Peripheral Cardiovascular Effects
There are also deleterious peripheral cardiovascular effects in response to acute pain. Sustained acute pain reduces peripheral blood flow. Decreased venous flow causes stasis and ideal conditions for clotting. Venous thrombosis increases significantly.2 Increased venous thrombosis increases thromboembolic complications. Reduced blood flow increases acute thrombosis in peripheral vascular grafts.6 Reduced renal and hepatic blood flow is observed but not associated with organ injury unless pre-existing chronic organ failure exists. Acute pain may impair fibrinolysis7 which further increases the increased risk for proximal lower extremity thromboembolism, known to be highly associated with pulmonary embolism and morbidity.
Neuroendocrine System Effects
Even more indirect evidence of the effect of severe pain on the cardiovascular system comes from the response of the neuroendocrine system to severe acute pain. The response is multi-factorial but includes cellular, immunological and neuroendocrine consequences. The primary systems that respond to stress are the hypothalamic-pituitary-adrenal axis and activation of the sympathetic nervous system by the adrenal glands. Both result in catecholamine secretion, catabolic hormone secretion, and increased oxygen demand.8 Free fatty acids are increased during stress and also increase myocardial oxygen consumption.9 Thoracic epidural analgesia attenuates pain and reduces the catecholamine surge associated with acute pain.10 Increased sympathetic tone decreases epicardial blood flow by increasing resistance from alpha-receptor stimulation.11 Normal subjects compensate by metabolic messengers, but this can be impaired in patients with coronary artery disease. Paradoxic vasoconstriction can occur in diseased coronaries due to sympathetic stimulation that would produce vasodilation in normal coronaries.12-13 Severe pain activates the stress response2 which increases perioperative cardiac morbidity. Excellent analgesia, however, severely reduces this risk.14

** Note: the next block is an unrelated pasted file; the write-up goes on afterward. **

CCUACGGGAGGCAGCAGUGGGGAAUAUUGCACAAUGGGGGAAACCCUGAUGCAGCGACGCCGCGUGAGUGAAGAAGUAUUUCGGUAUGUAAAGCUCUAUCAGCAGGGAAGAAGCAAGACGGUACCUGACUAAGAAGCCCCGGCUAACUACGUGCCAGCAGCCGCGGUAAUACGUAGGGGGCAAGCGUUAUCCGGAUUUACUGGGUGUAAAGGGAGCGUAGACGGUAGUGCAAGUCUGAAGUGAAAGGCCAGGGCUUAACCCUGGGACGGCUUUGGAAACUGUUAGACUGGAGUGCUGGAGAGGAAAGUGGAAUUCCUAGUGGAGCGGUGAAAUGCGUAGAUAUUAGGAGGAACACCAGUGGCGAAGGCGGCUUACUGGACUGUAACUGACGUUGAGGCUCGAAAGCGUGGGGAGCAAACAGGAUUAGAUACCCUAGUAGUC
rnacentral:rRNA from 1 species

The connection between acute pain and cardiovascular changes is supported observationally. The evidence is indirect but convincing. In humans, epidural analgesia prevents perception of noxious stimulus, reduces nociceptive transmission and prevents/reverses the cardiovascular changes.2,15 Animal evidence connects noxious stimulus with coronary vasoconstriction using methodology not ethically possible in humans. Prevention of noxious stimulus with epidural block increases myocardial oxygen concentration in animals16 and may reduce myocardial ischemia.17
Some of this indirect evidence is confirmed by human studies. Weak evidence suggests less episodes of perioperative myocardial ischemia when nociceptive transmission is reduced by preoperative epidural blockade14,18 or subarachnoid block.19 An overall decrease in cardiovascular complications in patients who received regional anesthesia compared to general anesthesia were observed by Yeager20 although the power of these observations were reduced by randomization issues.